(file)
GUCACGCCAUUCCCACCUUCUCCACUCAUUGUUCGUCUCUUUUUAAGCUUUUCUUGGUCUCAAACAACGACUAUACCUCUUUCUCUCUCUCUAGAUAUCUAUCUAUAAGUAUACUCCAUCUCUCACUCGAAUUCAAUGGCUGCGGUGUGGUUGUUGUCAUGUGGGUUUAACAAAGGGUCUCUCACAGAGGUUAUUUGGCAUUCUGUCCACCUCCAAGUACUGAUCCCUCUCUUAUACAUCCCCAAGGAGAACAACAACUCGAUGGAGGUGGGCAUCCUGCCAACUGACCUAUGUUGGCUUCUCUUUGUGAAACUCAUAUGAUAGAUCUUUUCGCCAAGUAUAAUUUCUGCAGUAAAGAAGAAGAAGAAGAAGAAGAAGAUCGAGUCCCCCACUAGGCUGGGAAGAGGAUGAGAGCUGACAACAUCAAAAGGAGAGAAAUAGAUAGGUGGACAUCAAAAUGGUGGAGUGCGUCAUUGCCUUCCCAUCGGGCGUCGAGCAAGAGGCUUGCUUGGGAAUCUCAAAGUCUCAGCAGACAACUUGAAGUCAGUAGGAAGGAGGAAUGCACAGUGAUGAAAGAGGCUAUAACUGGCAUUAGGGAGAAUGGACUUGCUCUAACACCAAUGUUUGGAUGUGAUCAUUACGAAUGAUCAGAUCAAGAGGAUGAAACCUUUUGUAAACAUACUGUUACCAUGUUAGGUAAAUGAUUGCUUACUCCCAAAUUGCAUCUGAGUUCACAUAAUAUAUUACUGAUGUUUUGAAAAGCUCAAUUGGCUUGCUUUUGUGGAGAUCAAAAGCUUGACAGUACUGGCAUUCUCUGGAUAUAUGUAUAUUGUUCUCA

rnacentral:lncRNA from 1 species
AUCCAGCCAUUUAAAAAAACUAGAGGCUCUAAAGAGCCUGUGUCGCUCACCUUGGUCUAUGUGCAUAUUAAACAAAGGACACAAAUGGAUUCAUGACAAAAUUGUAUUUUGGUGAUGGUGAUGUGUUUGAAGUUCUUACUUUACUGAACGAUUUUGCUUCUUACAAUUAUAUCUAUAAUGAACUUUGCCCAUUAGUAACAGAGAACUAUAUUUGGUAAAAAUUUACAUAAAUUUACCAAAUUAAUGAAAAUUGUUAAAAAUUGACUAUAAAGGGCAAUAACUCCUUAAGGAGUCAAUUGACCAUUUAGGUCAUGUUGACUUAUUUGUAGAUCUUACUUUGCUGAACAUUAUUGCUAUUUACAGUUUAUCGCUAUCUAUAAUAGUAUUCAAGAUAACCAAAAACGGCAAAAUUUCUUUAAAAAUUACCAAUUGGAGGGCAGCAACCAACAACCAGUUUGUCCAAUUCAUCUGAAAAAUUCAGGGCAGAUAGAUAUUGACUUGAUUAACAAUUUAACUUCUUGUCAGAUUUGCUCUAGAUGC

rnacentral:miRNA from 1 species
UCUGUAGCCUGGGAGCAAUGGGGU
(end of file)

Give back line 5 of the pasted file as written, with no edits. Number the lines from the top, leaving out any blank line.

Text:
UCUGUAGCCUGGGAGCAAUGGGGU